Jack Castle, Petitioner, v. James River Corporation of Virginia (jrc), Interstatedistributor Company (interstate) and Superior Transportationsystems, Inc. (sts); Western Transportation Co., Selfinsured Employer; Director, Office of Workers' Compensationprograms, Respondents, 141 F.3d 1174 (9th Cir. 1998)

Annotate this Case
US Court of Appeals for the Ninth Circuit - 141 F.3d 1174 (9th Cir. 1998) Argued and Submitted March 6, 1998. Decided April 1, 1998

Petition for Review of an order of the Benefits Review Board.

Before SCHROEDER, ALARCON and HAWKINS, Circuit Judges.


An administrative law judge ("ALJ") denied petitioner Jack Castle's claims for permanent total disability benefits or in the alternative permanent partial disability benefits. Castle argues that denial of his claim for disability benefits was not supported by substantial evidence. We affirm.

At oral argument, Castle's counsel conceded that the ALJ's denial of disability benefits was supported by substantial evidence. Relying on Metropolitan Stevedore Co. v. Rambo, --- U.S. ----, 117 S. Ct. 1953, 138 L. Ed. 2d 327 (1997) ("Rambo II "), Castle's attorney requested that this court vacate the ALJ's order and remand to the ALJ for a hearing regarding whether Castle was entitled to an award of nominal damages.

Counsel for the respondents pointed out that the Court held in Rambo II that an award of nominal damages should be made to an employee who is currently earning more than his or her preinjury average weekly wage where "there is a significant potential that the injury will cause diminished capacity under future conditions." Rambo II, --- U.S. at ----, 117 S. Ct. at 1963. In this matter, Castle informed his treating physician that he intended to retire on November 1, 1994 regardless of the doctor's diagnosis. Castle retired on November 1, 1994. The ALJ's order was issued on June 21, 1995. Counsel for the respondents argued that Rambo II should be limited to an award of nominal damages to a person who is employed at the time of the hearing before the ALJ, but whose earning capacity may diminish in the future.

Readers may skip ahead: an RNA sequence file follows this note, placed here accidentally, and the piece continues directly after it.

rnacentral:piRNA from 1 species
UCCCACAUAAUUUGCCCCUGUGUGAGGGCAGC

No request for an award of nominal damages was presented to the ALJ. The question whether nominal damages should have been awarded in this matter also was not raised in Castle's brief before this court. "We 'will not ordinarily consider matters on appeal that are not specifically and distinctly argued in appellant's opening brief' ." United States v. Ullah, 976 F.2d 509, 514 (9th Cir. 1992) (quoting Miller v. Fairchild Indus., Inc., 797 F.2d 727, 738 (9th Cir. 1986). There are three exceptions to this rule:

First, we will review an issue not present in an opening brief "for good cause shown" or "if a failure to do so would result in manifest injustice." Second, " [w]e have discretion to review an issue not raised by appellant ... when it is raised in the appellee's brief. Third, we may review an issue if the failure to raise the issue properly did not prejudice the defense of the opposing party.

Id. (citations omitted). Castle's attorney did not make a showing that any of these exceptions are applicable to this case.

Counsel for the respondents argued that she was not prepared to respond to Castle's request because she had not been advised by opposing counsel that he was prepared to concede and rely on an issue he had not previously raised in any manner. Rule 28(j) of the Federal Rules of Appellate Procedure provides that " [w]hen pertinent and significant authorities come to the attention of a party after the party's brief has been filed ... a party may promptly advise the clerk of the court, by letter, with a copy to all counsel, setting forth the citations." Rambo II was decided eight months ago. Castle's attorney did not explain his failure to inform opposing counsel or the court that he intended to rely on Rambo II.

We do not decide the interesting question regarding whether Rambo II applies to a person who has retired because the issue was raised for the first time on appeal and was not briefed by the parties.

In view of Castle's concession that the denial of disability benefits was supported by substantial evidence, we AFFIRM the decision of the Benefits Review Board.


This disposition is not appropriate for publication and may not be cited to or by the courts of this circuit except as provided by Ninth Circuit Rule 36-3